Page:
Digital Economy Bill
Better than nothing but still short of the mark
Poorly understood Digital Economy Bill could hamper UK PLC
The Cloud Industry Forum has cautiously welcomed the passing of the Digital Economy Bill, which went through Final Stage Reading in the House of Commons. It is now back in the House of Lords for Final Reading, before it passes into law. But it comes with a health warning, according to CIF Chairman, Andy Burton.
"This Bill is better than nothing but we are concerned that many of the provisions of the Bill have not yet been thought through, debated and scrutinised in any great detail. Pushing the Bill through Parliament in the dying days of a Government is far from ideal and could harm UK Plc in the future."
"As an industry we naturally support any activity that promotes the legal protection of intellectual property rights and a framework in which we can build a healthy environment for the growth and success of digital businesses. But our concerns lie in the fact that this Act could introduce more ambiguity and potential unforeseen liabilities that may in fact hinder the British entrepreneurial spirit online," he added.
It has been announced that the next Parliament will be able to study the most contentious aspects of the Bill before they are enacted and there will be an extended period of public consultation.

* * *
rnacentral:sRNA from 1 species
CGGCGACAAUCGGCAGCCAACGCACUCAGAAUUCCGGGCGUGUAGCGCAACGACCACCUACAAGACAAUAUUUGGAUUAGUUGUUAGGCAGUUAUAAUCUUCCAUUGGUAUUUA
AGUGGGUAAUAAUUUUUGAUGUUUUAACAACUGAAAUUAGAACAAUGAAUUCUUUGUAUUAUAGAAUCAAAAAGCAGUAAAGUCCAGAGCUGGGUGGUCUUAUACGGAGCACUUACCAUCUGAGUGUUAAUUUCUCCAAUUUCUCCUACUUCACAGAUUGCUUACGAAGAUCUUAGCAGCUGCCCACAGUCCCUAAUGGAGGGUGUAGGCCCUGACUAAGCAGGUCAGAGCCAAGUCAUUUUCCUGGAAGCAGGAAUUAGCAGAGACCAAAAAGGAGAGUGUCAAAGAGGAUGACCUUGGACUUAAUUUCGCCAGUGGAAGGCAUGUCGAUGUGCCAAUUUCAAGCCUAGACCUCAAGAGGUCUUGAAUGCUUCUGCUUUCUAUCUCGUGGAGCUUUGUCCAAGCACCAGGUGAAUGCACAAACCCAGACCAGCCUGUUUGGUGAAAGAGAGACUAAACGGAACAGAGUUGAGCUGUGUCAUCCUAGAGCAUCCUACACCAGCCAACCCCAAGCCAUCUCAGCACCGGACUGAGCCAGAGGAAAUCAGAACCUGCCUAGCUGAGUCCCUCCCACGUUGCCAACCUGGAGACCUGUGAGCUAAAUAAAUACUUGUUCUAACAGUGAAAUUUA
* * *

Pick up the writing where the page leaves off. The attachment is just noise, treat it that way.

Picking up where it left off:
"The so-called Wash-Up period accelerated the law-making process from weeks to a day or two and that cannot be right in terms of democracy and it certainly cannot be right when Parliament is supposed to be delivering a legislative framework for the digital future of the country," he added.
"It is our contention that this could have the potential to be a 'bad' law, one that cannot be free of unintended consequences. Crucially the new Act cannot guarantee false accusations of illegal file-sharing," he continued.
"At its heart lies the issue of our economic recovery and our desire to be a global hub in the digital economy of the future. The one thing service providers do not need right now as we face an increasingly competitive global market, as the internet has no true national boundary, is more red tape and compliance costs. It is as if the Government has overlooked the fact that the Internet - and its provision - is global by nature."
"The question that needs answering is whether this piece of legislation will protect the interests of UK businesses who compete in a global online market? Only time will tell if it fosters our innovative spirit or stifles it on a global stage," added Andy.
The new Act will put in place a system for limiting or suspending the Internet connections of those suspected of unlawful file-sharing.
There had been mounting public opposition to the bill, particularly the plans to give Ofcom the power to cut off the internet connections of persistent pirates.
Culture Secretary, Ben Bradshaw attempted to reassure MPs in the Second Reading that such measures would not be introduced for another year, and said he hoped a letter campaign to persistent net pirates would prove sufficient.
"Let us be clear: this Bill was about preparing the UK for the future. What it looks like now is a piece of legislation that could potentially hinder our competitive position and stifle economic innovation," concluded Andy.